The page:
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Central Asia's Rapid Growth to Continue in 2006-2007, Says ADB
HONG KONG, CHINA - Central Asia will maintain its rapid economic expansion with GDP growth in the region projected at 10.3% in 2006 and 9.8% in 2007, according to a major ADB report released today. The region grew 10.9% in 2005.
Regional inflation is expected to rise slightly to about 7.9% in 2006, but the current account is now expected to post a strong surplus due to high oil prices.
“Many Central Asian economies are benefiting from a range of reform measures under way. But the overall picture masks a large gap between growth in the oil-producing nations and the rest,” said ADB Chief Economist Ifzal Ali in launching the 2006 edition of ADB's flagship annual economic publication, Asian Development Outlook (ADO).
“As a region, Central Asia would benefit most from an aggressive campaign to remove barriers to trade and foster closer economic cooperation,” he said.
ADO 2006 forecasts overall growth for the 43 countries of developing Asia of 7.2% in 2006 and 7% in 2007.
In Armenia, rapidly rising incomes and falling poverty rates abetted by well-sequenced economic reforms are the country’s current hallmarks. GDP growth is forecast between 6% and 7% in 2006-2007 as inflation is expected to be well contained, and the current account deficit is expected to narrow further. The medium-term outlook is favorable although prospects would brighten if an agreement to resolve the conflict over Nagorno-Karabakh was concluded and the country’s borders were fully open to trade.
Azerbaijan experienced unprecedented GDP growth of 26.4% in 2005. This momentum is set to build further to 30.5% in 2006 and nearly that rate in 2007, driven by oil and gas production and exports as recent large investments come fully online. The 2006 budget calls for a very large increase in spending and the Government will need to carefully manage expenditure to avoid stoking inflation, which started to pick up last year. Key challenges are controlling inflation, preventing excessive appreciation of the Azerbaijani manat, and diversifying the economic base.
Ambitious structural changes, foreign investment, high prices for hydrocarbons, and political stability have spurred Kazakhstan’s economy and improved living standards in recent years. GDP growth is projected to average 8.5% in 2006-2007 as high investment continues in this oil-driven economy. The challenge ahead is to maintain past successes and ensure broad-based development and employment by expanding non-oil manufacturing, raising productivity in agriculture, and extending the reach of small and medium-sized enterprises.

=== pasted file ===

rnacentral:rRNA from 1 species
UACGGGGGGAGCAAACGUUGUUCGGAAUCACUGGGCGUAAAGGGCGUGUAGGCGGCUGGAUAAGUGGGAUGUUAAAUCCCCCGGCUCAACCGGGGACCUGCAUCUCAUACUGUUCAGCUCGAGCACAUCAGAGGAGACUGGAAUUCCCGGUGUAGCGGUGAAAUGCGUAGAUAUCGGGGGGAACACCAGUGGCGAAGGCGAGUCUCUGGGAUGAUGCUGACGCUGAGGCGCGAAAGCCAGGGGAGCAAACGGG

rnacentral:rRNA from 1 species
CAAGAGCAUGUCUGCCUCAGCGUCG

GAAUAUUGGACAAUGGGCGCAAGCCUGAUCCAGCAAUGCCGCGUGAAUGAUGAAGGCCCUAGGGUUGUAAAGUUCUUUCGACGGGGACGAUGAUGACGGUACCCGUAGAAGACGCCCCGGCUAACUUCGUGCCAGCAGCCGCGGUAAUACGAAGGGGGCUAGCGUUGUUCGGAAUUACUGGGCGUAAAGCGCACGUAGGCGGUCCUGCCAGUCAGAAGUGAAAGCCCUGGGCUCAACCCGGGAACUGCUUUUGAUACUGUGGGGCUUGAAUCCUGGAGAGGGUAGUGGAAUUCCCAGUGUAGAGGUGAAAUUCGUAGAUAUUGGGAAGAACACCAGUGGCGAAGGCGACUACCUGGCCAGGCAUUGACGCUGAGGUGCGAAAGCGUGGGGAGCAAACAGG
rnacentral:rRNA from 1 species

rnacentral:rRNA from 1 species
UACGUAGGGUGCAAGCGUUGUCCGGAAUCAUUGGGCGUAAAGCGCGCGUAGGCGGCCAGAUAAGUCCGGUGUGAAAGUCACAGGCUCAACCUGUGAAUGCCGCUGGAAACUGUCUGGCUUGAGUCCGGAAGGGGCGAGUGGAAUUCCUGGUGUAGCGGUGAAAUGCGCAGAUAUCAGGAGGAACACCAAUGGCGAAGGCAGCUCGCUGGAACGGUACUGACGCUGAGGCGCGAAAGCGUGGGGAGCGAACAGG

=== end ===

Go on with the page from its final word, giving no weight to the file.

In the Kyrgyz Republic the “Tulip Revolution” and the fall in gold production at the country’s major mine adversely affected the economy in 2005. The outlook is for recovery and GDP growth is projected at 5% in 2006 and 5.5% in 2007 based on implementation of an economic program supported by the Poverty Reduction and Growth facility of the IMF. The new Government has declared its commitment to addressing the three main challenges facing the country: low living standards, unemployment, and widespread corruption.
GDP growth in Tajikistan slowed to 6.7% in 2005 due mainly to falling cotton production and deterioration in the terms of trade. The outlook is for a recovery in activity with GDP growth projected at 8% in 2006 and then moderating to 6% in 2007. Progress has been made in implementing a poverty reduction and growth strategy in recent years, despite the legacy of weak institutional capacity and a limited resource base. Medium-term economic prospects are promising in view of the start of major foreign-invested projects and intensified efforts to advance structural reforms.
The outlook for growth in Turkmenistan is subject to considerable uncertainty because of the economy’s heavy reliance on exports of a handful of energy and agricultural products. If prices for exports of natural gas rise in 2006 this will provide a short-term stimulus to the economy and GDP should grow 5%-7% a year in 2006-2007.
Uzbekistan has posted strong growth over the past two years with significant contributions from agriculture and robust performance on external trade. This growth momentum is expected to continue in 2006-2007 with GDP projected to expand about 6% annually, aided by greater foreign direct investment in the hydrocarbon sector. Medium-term prospects are bright; however, a sustained, broad-based high-growth track would require undertaking the critical mass of reforms needed for private sector-led growth.